That said, I’m of two minds about what happened. Everybody who writes about it has to make a big deal about deploring violence. I agree. Violence is unaesthetic, destructive, and generally tends to make things worse. But not always; let’s not be sanctimonious. The Declaration of Independence and the words of many of the Founding Fathers saw a place for violence.
If the government – whether under Trumpians as the Democrats fear, or the Democrats as the Trumpians fear – becomes so corrupt and repressive that it needs to be replaced, riots are actually not out of place. And we’re likely to see some as the economy degrades. Real riots, not just some disorderly conduct like we saw on January 6. But riots like the “peaceful protests” of the summer where dozens of cities had whole blocks burned and lots of people killed. Riots more like those of 1968 when the National Guard was raking tenements with .50 cals at one point.
The most shocking thing about the January 6 “riot” may be the government’s reaction to it, starting with the police who were entirely incompetent at crowd management. Then they grossly overreacted, importing 25,000 Guardsmen, cordoning off a couple square miles of D.C. with barriers, barbed wire, and checkpoints to see everyone’s papers were in order. For some reason there are still thousands of Guardsmen posted around the city. The place now resembles the capital of a Banana Republic, with soldiers patrolling with rifles at port arms.
It’s largely a question of whose ox is being gored – who’s rioting, and why. Cuomo, the Governor of New York, has said pretty much the same thing. When the BLM and Antifa types rioted in the summer, that was to be downplayed because they were Biden allies. When the deplorables have a demonstration at the Capitol, that’s an active insurrection that should be put down.
As a cultural conservative, and one who values many traditions, I didn’t like the idea of thousands of unhappy people with uncertain intentions surrounding the Capitol. Lots of things can turn unhappy people into angry people and then into violent people.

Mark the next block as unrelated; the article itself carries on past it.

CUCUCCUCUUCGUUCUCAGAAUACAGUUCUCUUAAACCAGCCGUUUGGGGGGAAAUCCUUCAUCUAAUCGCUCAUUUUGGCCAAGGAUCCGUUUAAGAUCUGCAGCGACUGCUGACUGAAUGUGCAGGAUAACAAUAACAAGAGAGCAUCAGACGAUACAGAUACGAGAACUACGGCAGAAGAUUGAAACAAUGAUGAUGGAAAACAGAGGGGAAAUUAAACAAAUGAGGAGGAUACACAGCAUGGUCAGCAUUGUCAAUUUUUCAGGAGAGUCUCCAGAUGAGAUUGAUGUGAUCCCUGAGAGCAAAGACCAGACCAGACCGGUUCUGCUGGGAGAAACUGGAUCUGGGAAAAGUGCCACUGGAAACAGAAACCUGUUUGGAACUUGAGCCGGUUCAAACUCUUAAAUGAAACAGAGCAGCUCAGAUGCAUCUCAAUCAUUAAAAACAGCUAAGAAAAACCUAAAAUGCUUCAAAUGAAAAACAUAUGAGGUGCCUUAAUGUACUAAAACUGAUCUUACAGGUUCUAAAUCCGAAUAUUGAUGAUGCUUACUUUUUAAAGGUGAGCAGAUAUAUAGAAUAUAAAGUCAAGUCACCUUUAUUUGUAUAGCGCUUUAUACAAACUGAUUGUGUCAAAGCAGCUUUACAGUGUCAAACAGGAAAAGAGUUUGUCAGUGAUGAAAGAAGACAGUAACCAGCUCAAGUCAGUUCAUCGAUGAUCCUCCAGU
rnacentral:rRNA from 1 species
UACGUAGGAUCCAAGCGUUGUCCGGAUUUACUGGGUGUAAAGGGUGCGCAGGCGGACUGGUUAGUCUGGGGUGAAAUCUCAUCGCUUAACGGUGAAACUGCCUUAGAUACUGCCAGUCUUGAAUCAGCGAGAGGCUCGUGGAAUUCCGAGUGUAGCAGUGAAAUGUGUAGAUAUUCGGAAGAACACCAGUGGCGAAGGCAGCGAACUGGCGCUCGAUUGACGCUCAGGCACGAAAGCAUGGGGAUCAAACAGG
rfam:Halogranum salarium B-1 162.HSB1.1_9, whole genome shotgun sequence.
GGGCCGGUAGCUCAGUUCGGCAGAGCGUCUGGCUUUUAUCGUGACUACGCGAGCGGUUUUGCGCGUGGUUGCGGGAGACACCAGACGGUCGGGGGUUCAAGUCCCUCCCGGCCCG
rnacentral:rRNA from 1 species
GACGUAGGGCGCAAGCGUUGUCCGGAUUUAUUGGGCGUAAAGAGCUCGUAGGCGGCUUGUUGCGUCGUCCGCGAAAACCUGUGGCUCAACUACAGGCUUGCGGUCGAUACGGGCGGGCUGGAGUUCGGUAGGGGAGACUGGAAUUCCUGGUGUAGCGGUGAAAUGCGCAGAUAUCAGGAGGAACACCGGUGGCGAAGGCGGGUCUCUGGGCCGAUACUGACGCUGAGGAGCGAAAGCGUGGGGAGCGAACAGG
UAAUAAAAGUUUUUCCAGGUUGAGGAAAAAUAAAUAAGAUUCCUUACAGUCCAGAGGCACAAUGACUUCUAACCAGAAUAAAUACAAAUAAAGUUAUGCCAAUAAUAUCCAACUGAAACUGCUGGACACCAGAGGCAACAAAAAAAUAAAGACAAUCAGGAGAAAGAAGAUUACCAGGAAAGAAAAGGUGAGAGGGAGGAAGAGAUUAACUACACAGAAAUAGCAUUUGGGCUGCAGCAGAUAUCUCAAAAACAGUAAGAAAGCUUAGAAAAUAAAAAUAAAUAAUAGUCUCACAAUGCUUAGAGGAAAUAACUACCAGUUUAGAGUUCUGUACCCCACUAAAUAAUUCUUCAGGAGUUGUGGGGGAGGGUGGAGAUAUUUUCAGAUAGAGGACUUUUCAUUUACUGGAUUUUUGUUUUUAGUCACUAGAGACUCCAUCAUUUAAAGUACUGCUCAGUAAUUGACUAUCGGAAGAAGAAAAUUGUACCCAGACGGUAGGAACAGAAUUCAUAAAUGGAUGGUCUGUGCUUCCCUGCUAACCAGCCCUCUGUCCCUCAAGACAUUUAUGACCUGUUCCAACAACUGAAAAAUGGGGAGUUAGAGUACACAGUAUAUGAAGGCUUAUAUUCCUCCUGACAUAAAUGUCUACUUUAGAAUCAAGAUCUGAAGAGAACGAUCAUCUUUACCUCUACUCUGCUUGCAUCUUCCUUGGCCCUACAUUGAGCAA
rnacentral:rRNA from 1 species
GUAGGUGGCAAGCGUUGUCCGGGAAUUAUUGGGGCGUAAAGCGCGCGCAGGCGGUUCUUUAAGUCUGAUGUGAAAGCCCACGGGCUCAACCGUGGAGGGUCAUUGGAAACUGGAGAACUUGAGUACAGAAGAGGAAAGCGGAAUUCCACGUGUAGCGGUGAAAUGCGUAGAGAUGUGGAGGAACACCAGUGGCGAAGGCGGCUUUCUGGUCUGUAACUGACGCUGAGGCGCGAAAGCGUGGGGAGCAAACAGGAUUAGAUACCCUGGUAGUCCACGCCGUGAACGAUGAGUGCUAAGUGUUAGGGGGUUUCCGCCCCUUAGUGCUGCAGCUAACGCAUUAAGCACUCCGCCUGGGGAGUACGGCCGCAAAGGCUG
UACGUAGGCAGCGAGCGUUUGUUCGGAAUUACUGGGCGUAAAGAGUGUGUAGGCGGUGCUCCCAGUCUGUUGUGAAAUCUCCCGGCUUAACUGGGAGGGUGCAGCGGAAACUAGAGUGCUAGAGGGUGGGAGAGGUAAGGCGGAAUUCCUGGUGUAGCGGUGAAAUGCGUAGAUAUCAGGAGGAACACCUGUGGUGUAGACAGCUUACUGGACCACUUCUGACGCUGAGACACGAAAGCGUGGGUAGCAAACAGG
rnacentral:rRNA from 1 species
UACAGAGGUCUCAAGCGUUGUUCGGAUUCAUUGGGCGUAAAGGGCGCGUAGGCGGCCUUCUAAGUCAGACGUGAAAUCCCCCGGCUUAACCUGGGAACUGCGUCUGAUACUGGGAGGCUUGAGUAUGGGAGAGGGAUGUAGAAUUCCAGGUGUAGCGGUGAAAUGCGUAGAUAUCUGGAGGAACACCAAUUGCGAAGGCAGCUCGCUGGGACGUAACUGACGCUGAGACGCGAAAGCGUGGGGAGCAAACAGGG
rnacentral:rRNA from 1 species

But now some pundits are calling the Capitol “the People’s House.” It’s not the People’s House. It’s not what it’s cracked up to be in myth. It’s a building where government employees – swamp creatures, Deep State members – congregate to pass laws taxing and regulating their subjects, and enriching their cronies. I see it as less emblematic than any of the numerous monuments defaced or destroyed by BLM and Antifa over the summer. The Capitol is an appropriate venue for citizens who feel disenfranchised and defrauded to gather and give voice – hopefully peaceably – to their grievances.
Rachel: What’s to come of all this?
Doug: As I said before, I think we’re heading towards something that looks like a civil war. Or at least assorted secession movements across the country. Why? It makes no sense for people with radically different ideas of right and wrong, and how the world should work, to be compressed into one political entity.
What happened at the Capitol has been grossly overblown. But rest assured, it’s one manufactured crisis Washington is not going to waste.
Rachel: Thanks for talking with me today, Doug.
Doug: Until next time, Rachel.
Rachel’s note: As the temperature continues rising in the U.S., former President Trump, the Obamas, Mark Zuckerberg, and other members of the wealthy elite are doing something odd…
They’re deserting their homes… buying “compounds” on distant islands… starting farms…
And Strategic Investor editor Dave Forest has figured out why. In short, millions of unsuspecting Americans will be decimated…
And the wealthy elite are fleeing while they still can.